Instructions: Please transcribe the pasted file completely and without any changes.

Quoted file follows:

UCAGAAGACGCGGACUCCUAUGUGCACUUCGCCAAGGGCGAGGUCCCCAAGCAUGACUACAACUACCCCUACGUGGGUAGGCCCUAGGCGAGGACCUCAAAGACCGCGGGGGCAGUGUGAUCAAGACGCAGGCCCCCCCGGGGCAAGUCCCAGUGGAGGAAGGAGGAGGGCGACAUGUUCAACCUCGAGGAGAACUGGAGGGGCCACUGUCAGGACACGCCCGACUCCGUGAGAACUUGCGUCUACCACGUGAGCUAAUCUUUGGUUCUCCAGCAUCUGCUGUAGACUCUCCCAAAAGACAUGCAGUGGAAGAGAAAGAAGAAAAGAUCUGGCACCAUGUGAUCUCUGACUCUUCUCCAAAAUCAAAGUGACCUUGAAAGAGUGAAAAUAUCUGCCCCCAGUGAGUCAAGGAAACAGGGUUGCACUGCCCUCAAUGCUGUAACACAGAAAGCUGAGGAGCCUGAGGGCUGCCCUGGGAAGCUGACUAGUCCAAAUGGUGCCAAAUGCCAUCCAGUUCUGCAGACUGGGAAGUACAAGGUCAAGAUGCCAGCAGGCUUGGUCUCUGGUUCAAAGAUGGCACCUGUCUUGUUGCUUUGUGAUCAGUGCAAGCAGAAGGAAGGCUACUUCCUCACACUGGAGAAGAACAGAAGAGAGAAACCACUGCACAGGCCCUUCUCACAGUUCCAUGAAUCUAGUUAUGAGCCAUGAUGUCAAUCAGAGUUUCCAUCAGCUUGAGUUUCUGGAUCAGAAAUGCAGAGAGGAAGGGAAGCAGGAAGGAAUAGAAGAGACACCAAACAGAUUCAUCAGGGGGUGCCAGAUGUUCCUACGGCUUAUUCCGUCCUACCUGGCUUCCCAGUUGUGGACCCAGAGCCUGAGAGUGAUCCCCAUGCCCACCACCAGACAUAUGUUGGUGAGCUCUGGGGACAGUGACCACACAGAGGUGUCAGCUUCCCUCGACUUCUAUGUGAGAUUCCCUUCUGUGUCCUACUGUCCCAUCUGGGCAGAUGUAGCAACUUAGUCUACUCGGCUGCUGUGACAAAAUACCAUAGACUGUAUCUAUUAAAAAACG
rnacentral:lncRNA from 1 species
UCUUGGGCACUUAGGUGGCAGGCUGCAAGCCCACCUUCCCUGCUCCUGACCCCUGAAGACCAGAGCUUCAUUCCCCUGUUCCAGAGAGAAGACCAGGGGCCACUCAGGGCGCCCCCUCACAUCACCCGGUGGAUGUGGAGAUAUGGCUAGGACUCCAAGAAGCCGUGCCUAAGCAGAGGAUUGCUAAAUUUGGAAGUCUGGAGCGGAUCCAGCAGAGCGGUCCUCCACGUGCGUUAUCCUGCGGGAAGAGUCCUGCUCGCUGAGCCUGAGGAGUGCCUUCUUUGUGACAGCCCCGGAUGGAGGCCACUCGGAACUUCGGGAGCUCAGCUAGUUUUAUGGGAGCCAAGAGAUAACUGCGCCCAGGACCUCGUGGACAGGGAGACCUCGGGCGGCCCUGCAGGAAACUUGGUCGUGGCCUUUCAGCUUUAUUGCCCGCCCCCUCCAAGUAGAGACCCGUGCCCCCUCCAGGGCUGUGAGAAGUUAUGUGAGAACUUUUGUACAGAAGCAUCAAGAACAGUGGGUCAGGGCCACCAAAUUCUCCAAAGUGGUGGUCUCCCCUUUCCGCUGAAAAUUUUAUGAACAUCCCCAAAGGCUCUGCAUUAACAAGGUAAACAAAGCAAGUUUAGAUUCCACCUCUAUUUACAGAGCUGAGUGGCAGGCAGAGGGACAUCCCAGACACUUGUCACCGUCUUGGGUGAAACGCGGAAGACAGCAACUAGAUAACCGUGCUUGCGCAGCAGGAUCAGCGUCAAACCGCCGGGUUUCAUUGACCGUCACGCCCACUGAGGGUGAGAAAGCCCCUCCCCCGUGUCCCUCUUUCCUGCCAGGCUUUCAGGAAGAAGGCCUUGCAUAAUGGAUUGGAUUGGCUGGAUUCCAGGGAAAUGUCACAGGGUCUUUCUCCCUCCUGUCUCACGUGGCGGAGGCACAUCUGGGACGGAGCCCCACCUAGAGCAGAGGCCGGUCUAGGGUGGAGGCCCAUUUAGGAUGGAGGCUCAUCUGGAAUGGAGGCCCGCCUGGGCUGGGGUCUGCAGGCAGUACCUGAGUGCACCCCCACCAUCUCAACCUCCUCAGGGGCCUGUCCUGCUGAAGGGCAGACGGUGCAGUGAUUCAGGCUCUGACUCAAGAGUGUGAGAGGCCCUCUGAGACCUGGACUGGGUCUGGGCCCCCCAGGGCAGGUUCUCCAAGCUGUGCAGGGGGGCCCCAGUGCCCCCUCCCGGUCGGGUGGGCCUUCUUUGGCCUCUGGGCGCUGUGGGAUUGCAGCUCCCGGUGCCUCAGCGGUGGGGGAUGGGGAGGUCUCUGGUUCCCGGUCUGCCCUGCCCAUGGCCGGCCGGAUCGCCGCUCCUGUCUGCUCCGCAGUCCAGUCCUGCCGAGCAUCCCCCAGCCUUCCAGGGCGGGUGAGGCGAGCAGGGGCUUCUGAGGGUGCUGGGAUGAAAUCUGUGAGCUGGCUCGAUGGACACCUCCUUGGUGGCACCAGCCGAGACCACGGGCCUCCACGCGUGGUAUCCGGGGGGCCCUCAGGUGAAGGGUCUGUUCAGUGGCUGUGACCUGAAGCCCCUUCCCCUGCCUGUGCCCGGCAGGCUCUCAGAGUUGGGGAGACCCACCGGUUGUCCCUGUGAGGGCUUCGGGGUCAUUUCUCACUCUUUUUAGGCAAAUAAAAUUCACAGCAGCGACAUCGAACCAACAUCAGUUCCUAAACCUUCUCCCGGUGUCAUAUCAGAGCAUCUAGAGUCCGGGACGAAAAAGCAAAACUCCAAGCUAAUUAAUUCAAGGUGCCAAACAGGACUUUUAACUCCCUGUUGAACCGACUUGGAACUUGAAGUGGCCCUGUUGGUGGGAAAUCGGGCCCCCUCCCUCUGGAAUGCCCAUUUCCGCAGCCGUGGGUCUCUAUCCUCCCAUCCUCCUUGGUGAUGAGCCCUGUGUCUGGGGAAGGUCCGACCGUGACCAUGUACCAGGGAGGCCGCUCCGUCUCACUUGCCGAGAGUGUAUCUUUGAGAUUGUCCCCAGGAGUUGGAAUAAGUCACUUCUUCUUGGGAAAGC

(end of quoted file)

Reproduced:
UCAGAAGACGCGGACUCCUAUGUGCACUUCGCCAAGGGCGAGGUCCCCAAGCAUGACUACAACUACCCCUACGUGGGUAGGCCCUAGGCGAGGACCUCAAAGACCGCGGGGGCAGUGUGAUCAAGACGCAGGCCCCCCCGGGGCAAGUCCCAGUGGAGGAAGGAGGAGGGCGACAUGUUCAACCUCGAGGAGAACUGGAGGGGCCACUGUCAGGACACGCCCGACUCCGUGAGAACUUGCGUCUACCACGUGAGCUAAUCUUUGGUUCUCCAGCAUCUGCUGUAGACUCUCCCAAAAGACAUGCAGUGGAAGAGAAAGAAGAAAAGAUCUGGCACCAUGUGAUCUCUGACUCUUCUCCAAAAUCAAAGUGACCUUGAAAGAGUGAAAAUAUCUGCCCCCAGUGAGUCAAGGAAACAGGGUUGCACUGCCCUCAAUGCUGUAACACAGAAAGCUGAGGAGCCUGAGGGCUGCCCUGGGAAGCUGACUAGUCCAAAUGGUGCCAAAUGCCAUCCAGUUCUGCAGACUGGGAAGUACAAGGUCAAGAUGCCAGCAGGCUUGGUCUCUGGUUCAAAGAUGGCACCUGUCUUGUUGCUUUGUGAUCAGUGCAAGCAGAAGGAAGGCUACUUCCUCACACUGGAGAAGAACAGAAGAGAGAAACCACUGCACAGGCCCUUCUCACAGUUCCAUGAAUCUAGUUAUGAGCCAUGAUGUCAAUCAGAGUUUCCAUCAGCUUGAGUUUCUGGAUCAGAAAUGCAGAGAGGAAGGGAAGCAGGAAGGAAUAGAAGAGACACCAAACAGAUUCAUCAGGGGGUGCCAGAUGUUCCUACGGCUUAUUCCGUCCUACCUGGCUUCCCAGUUGUGGACCCAGAGCCUGAGAGUGAUCCCCAUGCCCACCACCAGACAUAUGUUGGUGAGCUCUGGGGACAGUGACCACACAGAGGUGUCAGCUUCCCUCGACUUCUAUGUGAGAUUCCCUUCUGUGUCCUACUGUCCCAUCUGGGCAGAUGUAGCAACUUAGUCUACUCGGCUGCUGUGACAAAAUACCAUAGACUGUAUCUAUUAAAAAACG
rnacentral:lncRNA from 1 species
UCUUGGGCACUUAGGUGGCAGGCUGCAAGCCCACCUUCCCUGCUCCUGACCCCUGAAGACCAGAGCUUCAUUCCCCUGUUCCAGAGAGAAGACCAGGGGCCACUCAGGGCGCCCCCUCACAUCACCCGGUGGAUGUGGAGAUAUGGCUAGGACUCCAAGAAGCCGUGCCUAAGCAGAGGAUUGCUAAAUUUGGAAGUCUGGAGCGGAUCCAGCAGAGCGGUCCUCCACGUGCGUUAUCCUGCGGGAAGAGUCCUGCUCGCUGAGCCUGAGGAGUGCCUUCUUUGUGACAGCCCCGGAUGGAGGCCACUCGGAACUUCGGGAGCUCAGCUAGUUUUAUGGGAGCCAAGAGAUAACUGCGCCCAGGACCUCGUGGACAGGGAGACCUCGGGCGGCCCUGCAGGAAACUUGGUCGUGGCCUUUCAGCUUUAUUGCCCGCCCCCUCCAAGUAGAGACCCGUGCCCCCUCCAGGGCUGUGAGAAGUUAUGUGAGAACUUUUGUACAGAAGCAUCAAGAACAGUGGGUCAGGGCCACCAAAUUCUCCAAAGUGGUGGUCUCCCCUUUCCGCUGAAAAUUUUAUGAACAUCCCCAAAGGCUCUGCAUUAACAAGGUAAACAAAGCAAGUUUAGAUUCCACCUCUAUUUACAGAGCUGAGUGGCAGGCAGAGGGACAUCCCAGACACUUGUCACCGUCUUGGGUGAAACGCGGAAGACAGCAACUAGAUAACCGUGCUUGCGCAGCAGGAUCAGCGUCAAACCGCCGGGUUUCAUUGACCGUCACGCCCACUGAGGGUGAGAAAGCCCCUCCCCCGUGUCCCUCUUUCCUGCCAGGCUUUCAGGAAGAAGGCCUUGCAUAAUGGAUUGGAUUGGCUGGAUUCCAGGGAAAUGUCACAGGGUCUUUCUCCCUCCUGUCUCACGUGGCGGAGGCACAUCUGGGACGGAGCCCCACCUAGAGCAGAGGCCGGUCUAGGGUGGAGGCCCAUUUAGGAUGGAGGCUCAUCUGGAAUGGAGGCCCGCCUGGGCUGGGGUCUGCAGGCAGUACCUGAGUGCACCCCCACCAUCUCAACCUCCUCAGGGGCCUGUCCUGCUGAAGGGCAGACGGUGCAGUGAUUCAGGCUCUGACUCAAGAGUGUGAGAGGCCCUCUGAGACCUGGACUGGGUCUGGGCCCCCCAGGGCAGGUUCUCCAAGCUGUGCAGGGGGGCCCCAGUGCCCCCUCCCGGUCGGGUGGGCCUUCUUUGGCCUCUGGGCGCUGUGGGAUUGCAGCUCCCGGUGCCUCAGCGGUGGGGGAUGGGGAGGUCUCUGGUUCCCGGUCUGCCCUGCCCAUGGCCGGCCGGAUCGCCGCUCCUGUCUGCUCCGCAGUCCAGUCCUGCCGAGCAUCCCCCAGCCUUCCAGGGCGGGUGAGGCGAGCAGGGGCUUCUGAGGGUGCUGGGAUGAAAUCUGUGAGCUGGCUCGAUGGACACCUCCUUGGUGGCACCAGCCGAGACCACGGGCCUCCACGCGUGGUAUCCGGGGGGCCCUCAGGUGAAGGGUCUGUUCAGUGGCUGUGACCUGAAGCCCCUUCCCCUGCCUGUGCCCGGCAGGCUCUCAGAGUUGGGGAGACCCACCGGUUGUCCCUGUGAGGGCUUCGGGGUCAUUUCUCACUCUUUUUAGGCAAAUAAAAUUCACAGCAGCGACAUCGAACCAACAUCAGUUCCUAAACCUUCUCCCGGUGUCAUAUCAGAGCAUCUAGAGUCCGGGACGAAAAAGCAAAACUCCAAGCUAAUUAAUUCAAGGUGCCAAACAGGACUUUUAACUCCCUGUUGAACCGACUUGGAACUUGAAGUGGCCCUGUUGGUGGGAAAUCGGGCCCCCUCCCUCUGGAAUGCCCAUUUCCGCAGCCGUGGGUCUCUAUCCUCCCAUCCUCCUUGGUGAUGAGCCCUGUGUCUGGGGAAGGUCCGACCGUGACCAUGUACCAGGGAGGCCGCUCCGUCUCACUUGCCGAGAGUGUAUCUUUGAGAUUGUCCCCAGGAGUUGGAAUAAGUCACUUCUUCUUGGGAAAGC